by Lisa McRitchie on 01/06/12 at 06:00 AM ET
After 31 years of waiting, it has finally happened; Sweden has won gold at the IIHF World Juniors Tournament and is the fourth country in as many years to win top honours. In some way, the 1981 Swedish gold medal winning team was with this 2012 team, but only in the locker room. The team had brought with them photos of the players from the gold medal winning team to use as inspiration. Apparently, it worked.
It was a game without a single goal through three periods and ten minutes of overtime before Ottawa Senators’ 2011 first round draft pick Mika Zibanejad ensured his team maintain their perfect record at this tournament.
The scoreless game was of course not for lack of effort. The Swedes peppered Russian goaltender Andrei Makarov with 58 shots, while the Russians only managed 17. Turning away 57 shots only gave further evidence that Russia came prepared with two fine, capable and even phenomenal goalies.
It came as a bit of surprise that Marakov would start for Russia, it was Andrei Vasilevski who had been Russia’s go to man but head coach Valeri Bragin decided to give the start to Marakov after sending him in for relief of Vasilevski in Russia’s game against Canada Tuesday night.
“Vasilevski’s previous games were fantastic, and with five minutes left in the last game, Makarov had a good performance,” speaking through a translator, Bragin explained, clearly expecting that goaltending would be the topic of choice following a 1-0 game.
“At the end of pregame skates, the coaches saw Vasilevski seemed to have spent all his effort and potential. So we just made a decision to Makarov.”
For Marakov, “It was maybe my best game, 59 shots, it was good for me.”
Most goaltenders would have won if they had turned aside 58 of 59 goals, but on the other end of the rink Johan Gustafsson faced a completely different, but just as difficult game. This is why both goaltenders earned best player honours for their teams.
Gustafsson faced only 17 shots and therefore required an extreme amount of focus to stay with the game and forget about his lonely end of the rink. “You have to be focussed in your head,” said Gustafsson. “It was a tough game for me mentally. It was probably the toughest game I’ve ever played in my head. I’ve played this game 6, 7, 800 times before in my head and we won every time. It was a good feeling to win this tonight.”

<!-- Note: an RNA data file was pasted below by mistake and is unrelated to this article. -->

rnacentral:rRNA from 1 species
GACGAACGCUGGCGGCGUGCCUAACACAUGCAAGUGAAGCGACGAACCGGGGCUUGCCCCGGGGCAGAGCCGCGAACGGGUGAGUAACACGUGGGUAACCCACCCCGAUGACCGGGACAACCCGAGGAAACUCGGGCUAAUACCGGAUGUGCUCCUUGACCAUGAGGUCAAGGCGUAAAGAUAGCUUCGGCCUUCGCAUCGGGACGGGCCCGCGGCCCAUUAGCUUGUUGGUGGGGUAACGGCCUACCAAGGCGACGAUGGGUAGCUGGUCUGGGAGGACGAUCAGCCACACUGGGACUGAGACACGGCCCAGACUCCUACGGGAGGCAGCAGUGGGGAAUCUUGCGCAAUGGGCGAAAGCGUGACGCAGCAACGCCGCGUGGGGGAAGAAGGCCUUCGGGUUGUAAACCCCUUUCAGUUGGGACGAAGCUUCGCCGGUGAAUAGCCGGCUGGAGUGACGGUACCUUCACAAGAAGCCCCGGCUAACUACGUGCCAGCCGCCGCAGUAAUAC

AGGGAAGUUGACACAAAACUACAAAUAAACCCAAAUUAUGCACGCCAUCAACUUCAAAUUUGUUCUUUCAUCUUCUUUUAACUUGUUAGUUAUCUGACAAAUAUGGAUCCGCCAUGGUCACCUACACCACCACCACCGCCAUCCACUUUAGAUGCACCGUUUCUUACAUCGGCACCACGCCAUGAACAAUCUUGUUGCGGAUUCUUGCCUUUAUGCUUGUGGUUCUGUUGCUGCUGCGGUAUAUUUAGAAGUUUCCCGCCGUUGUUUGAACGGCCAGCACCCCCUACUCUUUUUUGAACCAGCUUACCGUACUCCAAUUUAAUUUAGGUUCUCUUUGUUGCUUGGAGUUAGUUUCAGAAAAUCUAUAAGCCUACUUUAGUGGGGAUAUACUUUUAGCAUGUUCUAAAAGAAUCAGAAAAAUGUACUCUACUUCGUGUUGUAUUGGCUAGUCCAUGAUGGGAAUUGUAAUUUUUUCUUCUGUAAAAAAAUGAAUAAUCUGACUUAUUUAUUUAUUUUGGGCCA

None of the players on this Swedish team had even been thought of and head Coach Roger Ronnberg was only 10 during the 1981 Swedish World Junior win but the players of the 1981 team were with this year’s team. Photos of the 1981 gold medal winning team decorated the walls of the Swedes dressing room.
Edmonton Oilers’ prospect Oscar Klefbom between saying unbelievable to describe the game talked about the now familiar faces joining the team in the locker room. “Ugly faces.” This of course generated nothing but laughter from the dozen people hanging on his every word. “Old men” he added, showing his sense of humour. These photos were inspirational, and so was meeting Peter Forsberg before the team left for the tournament.
Raw post game with Oscar Klefbom
This was not the first time that Forsberg’s name had been mentioned at this tournament; Forsberg’s ten points in a single game against Japan at the 1993 World Juniors still stands as the record. But it was Russian captain and Washington Capitals’ prospect Yevgeni Kuznetsov who nearly matched it, earning 9 points in a game against Latvia during the preliminary round.
Forsberg likely smiled hearing how close someone came to his record, but surely shouted for joy at roughly 4am in Sweden when Mika Zibanejad scored the game winning goal.
As the coaches made their final addresses in press conference format, Russian coach Valeri Bragin was able to see some positives in Sweden’s win; “It’s been 30 years, so that’s a big win for the team and also good for Scandinavian teams in general.” Bragin was appreciative of the effort his team put out,“It was a very hard game, there were a lot of emotions spent in our victory over the Czechs and Canada and the team was a bit tired. Then the game went into overtime and that took emotions and effort.”
For Swedish coach Roger Ronnberg, the support from Canadian fans was a pleasant surprise. After the Swedes beat Canada in a pre-tournament game, Sweden was not a fan favourite. However, it was the Russians who put Canada out of contention for gold. And so, the Swedes were the easier to love it seems.
The support from the fans in the stands was “Tremendous. We could never have dreamt of this when we were going overseas that the Canadians over here would cheer for us in the final. It’s an amazing feeling.”
All that’s left for both the Russians and the Swedes is to celebrate. Waiting for team Sweden in Stockholm is a celebration worthy for a gold medal winning team. According to Ronnberg, the World Juniors rank second in importance only behind the Olympics to Sweden. These young men will be in some ways immortalised.
Next year’s World Juniors will take place in Ufa Russia, where the home team will undoubtedly seek redemption.
Post game with Johan Gustafsson, Jonas Brodin and Johan Larsson
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Lisa McRitchie is a fairly new writer, online at least, but makes up for inexperience with passion for the game of hockey and memories of Mrs. Leskiw’s English AP class; who knew they would pay off one day.
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